I really appreciate the readers of this blog, old and new, and I am thrilled when I receive comments. I try to respond to each one personally and visit your blogs as well, so I want to apologize for not keeping up with that the past few days. I am having some major panic issues, or else I’m dying (just kidding…maybe…I hope!) It started while I was exercising Thursday evening. I was at a moderate pace when I began feeling that familiar tightness in my chest. I began slowing my workout down so that I could stop and rest because it felt like a panic attack was about to happen. Within seconds it was a fullblown attack, which feels exactly like a heart attack (from what I have read and been told). I struggled to go get some Tums (for the indigestion and nausea that comes along with the attacks) and a Klonopin (reserved for the worst ones) and worked on calming myself with my breathing exercises. I tried to imagine myself floating on air, light and careless. Usually all of these things combined ease a panic attack within 10-20 minutes, but this one just kept going. I stumbled into the bedroom to wake my fiance (not due up for another couple of hours for his night shift) so he could watch our son and try to calm me down. At this point I was beginning to worry a lot. What if this really is a heart problem? After all, I was exercising, maybe I overdid it. Maybe I am dying. Maybe I need to go to the hospital. I tried to voice my concerns to my fiance, but I can’t talk during these attacks so all I could do was softly gasp out words like “dying!” and “hospital!” Douglas has had a lot of experience seeing me like this, so he wasn’t worried at all. He just kept telling me to breathe and to remember that I am strong and I will get through this. When it was time for him to leave for work and the pain had still not eased off, he brought me the phone and told me to call if I needed him.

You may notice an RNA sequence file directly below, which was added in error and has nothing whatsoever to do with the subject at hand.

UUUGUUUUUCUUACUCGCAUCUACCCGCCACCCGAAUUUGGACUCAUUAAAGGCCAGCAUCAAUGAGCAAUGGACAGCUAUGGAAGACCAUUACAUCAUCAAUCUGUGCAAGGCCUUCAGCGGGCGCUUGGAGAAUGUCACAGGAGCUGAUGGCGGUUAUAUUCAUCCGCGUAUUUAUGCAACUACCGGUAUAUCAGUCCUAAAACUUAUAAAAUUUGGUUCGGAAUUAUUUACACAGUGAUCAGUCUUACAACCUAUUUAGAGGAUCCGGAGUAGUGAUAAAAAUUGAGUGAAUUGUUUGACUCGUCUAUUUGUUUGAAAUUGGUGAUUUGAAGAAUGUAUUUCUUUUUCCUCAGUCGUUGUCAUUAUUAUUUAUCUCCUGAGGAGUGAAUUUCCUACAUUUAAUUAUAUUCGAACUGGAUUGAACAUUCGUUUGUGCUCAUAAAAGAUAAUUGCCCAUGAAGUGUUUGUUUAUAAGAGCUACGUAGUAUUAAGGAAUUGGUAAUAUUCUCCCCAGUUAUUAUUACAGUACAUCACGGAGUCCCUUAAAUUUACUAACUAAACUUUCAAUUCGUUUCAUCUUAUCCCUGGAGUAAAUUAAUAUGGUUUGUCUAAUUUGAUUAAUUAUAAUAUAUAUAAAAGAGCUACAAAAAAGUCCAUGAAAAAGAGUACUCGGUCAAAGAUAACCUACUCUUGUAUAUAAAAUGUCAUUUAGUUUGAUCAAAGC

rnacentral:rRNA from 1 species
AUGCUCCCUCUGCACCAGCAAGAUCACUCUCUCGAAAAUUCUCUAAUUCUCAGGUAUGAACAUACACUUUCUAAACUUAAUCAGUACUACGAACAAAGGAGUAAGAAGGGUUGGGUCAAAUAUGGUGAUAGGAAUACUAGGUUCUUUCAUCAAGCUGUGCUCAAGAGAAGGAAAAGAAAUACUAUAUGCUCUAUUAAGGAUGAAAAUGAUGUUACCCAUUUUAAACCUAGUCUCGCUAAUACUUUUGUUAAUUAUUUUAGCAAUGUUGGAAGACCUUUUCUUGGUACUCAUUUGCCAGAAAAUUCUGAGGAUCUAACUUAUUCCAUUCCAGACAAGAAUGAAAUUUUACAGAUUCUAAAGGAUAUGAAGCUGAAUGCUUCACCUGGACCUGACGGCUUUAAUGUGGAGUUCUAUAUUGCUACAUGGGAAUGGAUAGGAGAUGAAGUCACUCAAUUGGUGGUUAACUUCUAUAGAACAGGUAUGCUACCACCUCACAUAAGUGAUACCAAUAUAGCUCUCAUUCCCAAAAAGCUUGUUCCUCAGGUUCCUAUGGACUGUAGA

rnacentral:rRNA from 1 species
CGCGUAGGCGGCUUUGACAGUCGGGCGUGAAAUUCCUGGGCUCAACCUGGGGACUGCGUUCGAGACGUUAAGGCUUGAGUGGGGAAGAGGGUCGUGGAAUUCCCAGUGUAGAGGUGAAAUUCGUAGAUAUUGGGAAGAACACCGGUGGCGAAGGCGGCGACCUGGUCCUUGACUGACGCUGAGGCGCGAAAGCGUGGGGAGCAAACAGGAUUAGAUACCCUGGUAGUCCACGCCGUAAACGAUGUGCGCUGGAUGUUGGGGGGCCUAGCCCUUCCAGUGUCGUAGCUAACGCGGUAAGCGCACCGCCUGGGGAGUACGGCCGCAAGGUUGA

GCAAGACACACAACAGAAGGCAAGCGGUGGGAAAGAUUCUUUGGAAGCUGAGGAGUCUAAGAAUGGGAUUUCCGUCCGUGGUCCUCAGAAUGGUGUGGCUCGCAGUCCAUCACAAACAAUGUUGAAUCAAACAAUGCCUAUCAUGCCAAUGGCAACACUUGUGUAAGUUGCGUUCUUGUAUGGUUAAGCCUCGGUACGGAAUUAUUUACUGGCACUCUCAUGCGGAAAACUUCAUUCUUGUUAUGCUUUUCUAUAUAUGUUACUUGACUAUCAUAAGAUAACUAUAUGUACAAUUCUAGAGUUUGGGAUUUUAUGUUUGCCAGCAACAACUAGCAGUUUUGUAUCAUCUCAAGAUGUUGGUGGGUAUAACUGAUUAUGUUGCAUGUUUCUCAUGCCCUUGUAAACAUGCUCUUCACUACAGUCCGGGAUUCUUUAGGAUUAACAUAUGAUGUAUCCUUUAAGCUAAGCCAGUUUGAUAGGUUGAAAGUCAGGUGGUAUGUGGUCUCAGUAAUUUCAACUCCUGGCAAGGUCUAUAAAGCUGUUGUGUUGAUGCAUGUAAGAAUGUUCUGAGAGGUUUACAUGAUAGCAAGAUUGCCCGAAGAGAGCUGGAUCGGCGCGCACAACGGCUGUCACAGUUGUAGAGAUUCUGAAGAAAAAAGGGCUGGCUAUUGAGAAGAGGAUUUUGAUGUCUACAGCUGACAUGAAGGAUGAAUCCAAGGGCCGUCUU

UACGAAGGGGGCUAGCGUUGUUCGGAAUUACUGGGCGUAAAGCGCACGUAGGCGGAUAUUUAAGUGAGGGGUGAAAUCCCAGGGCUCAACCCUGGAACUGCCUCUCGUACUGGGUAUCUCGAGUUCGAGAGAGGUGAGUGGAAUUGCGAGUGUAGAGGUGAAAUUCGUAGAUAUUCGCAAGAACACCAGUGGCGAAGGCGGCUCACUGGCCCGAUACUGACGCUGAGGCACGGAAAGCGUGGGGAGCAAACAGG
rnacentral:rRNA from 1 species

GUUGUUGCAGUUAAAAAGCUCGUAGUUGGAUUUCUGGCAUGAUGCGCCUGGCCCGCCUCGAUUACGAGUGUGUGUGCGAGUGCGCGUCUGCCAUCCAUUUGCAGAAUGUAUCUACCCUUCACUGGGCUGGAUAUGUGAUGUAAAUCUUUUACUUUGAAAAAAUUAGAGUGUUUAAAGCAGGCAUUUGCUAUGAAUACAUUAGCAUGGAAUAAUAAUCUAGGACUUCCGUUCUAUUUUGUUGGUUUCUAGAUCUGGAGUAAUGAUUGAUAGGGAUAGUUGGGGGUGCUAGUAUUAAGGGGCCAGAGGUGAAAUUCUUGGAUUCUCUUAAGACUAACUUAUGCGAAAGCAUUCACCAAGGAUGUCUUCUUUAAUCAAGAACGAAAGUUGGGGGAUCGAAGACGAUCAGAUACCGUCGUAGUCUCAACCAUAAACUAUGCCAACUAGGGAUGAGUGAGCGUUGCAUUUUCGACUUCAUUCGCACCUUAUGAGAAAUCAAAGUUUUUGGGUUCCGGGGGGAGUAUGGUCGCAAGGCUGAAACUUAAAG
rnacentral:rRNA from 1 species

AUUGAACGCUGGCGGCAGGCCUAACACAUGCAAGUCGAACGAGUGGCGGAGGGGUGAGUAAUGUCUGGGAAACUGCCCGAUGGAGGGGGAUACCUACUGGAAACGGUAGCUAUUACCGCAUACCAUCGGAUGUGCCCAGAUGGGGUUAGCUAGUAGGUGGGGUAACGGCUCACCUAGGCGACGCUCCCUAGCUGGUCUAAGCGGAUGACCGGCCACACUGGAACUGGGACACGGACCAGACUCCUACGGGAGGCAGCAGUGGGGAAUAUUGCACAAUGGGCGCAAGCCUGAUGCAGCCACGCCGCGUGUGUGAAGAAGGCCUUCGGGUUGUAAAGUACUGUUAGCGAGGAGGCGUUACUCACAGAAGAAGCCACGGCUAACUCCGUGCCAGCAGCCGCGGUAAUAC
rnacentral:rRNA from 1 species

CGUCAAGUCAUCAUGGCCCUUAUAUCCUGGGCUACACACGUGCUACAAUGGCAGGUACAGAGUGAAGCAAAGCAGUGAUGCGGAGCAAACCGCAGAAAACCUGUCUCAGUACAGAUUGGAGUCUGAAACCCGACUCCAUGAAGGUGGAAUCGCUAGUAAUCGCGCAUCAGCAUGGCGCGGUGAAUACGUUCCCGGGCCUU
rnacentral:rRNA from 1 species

I gripped that phone to my chest all night, in such mental and physical agony. Why has this not stopped yet?!?!? Should I call Douglas? Should I call an ambulance? Obviously, if a “normal” person was having chest pains this severe, it would make sense to seek medical attention; it would be stupid not to! But when you are a mental health patient with a history of panic attacks, it feels more like a matter of crying wolf. I know how it goes with this sort of thing at the ER. First of all, I don’t have insurance so they wouldn’t be real gung ho about helping me anyway. Any tests they run would be cut down to a bare legal minimum, and then at the least little peep that I have a mental health condition, they would convince me it is, indeed, all in my head and send me home. Of course, I would still get a bill for thousands of dollars, a nice little award for me being scared enough to wait hours in an emergency room for nothing. Yay. That’s really what I want to go through when I am either having a panic attack (as usual) or my heart is about to explode.
So, I did not call the ambulance.
And I did not call Douglas because I knew he was working and he knew the condition I was in when he left me, and if he decided it was safe to leave me alone (well, with our sleeping child beside me in the bed) then maybe I should just trust him.
I was still in the same condition when he got home the next morning; I had wafted in and out of sleep the last two hours of the night, but had otherwise been completely awake and in pain. I finally, after 25 hours of this mess, started feeling better Friday evening. I was very thankful for this, not only because I was exhausted and tired of the pain, but I wanted to be able to enjoy having my girls home this weekend. I had to take it easy as far as physical activity and stressful situations, but fortunately they all got along very nicely this weekend, with none of the usual fights. I have felt a lot of tightness in my chest here and there, but when I laid down for a few minutes it would subside and I could resume what I was doing before. We had a lot of fun with some art projects and flying kites. It was a truly great weekend, even with the fear of a rebound attack. I am going to try to find a doctor to see me about this soon, ideally this week. In the mean time, I will attempt to keep calm and carry on.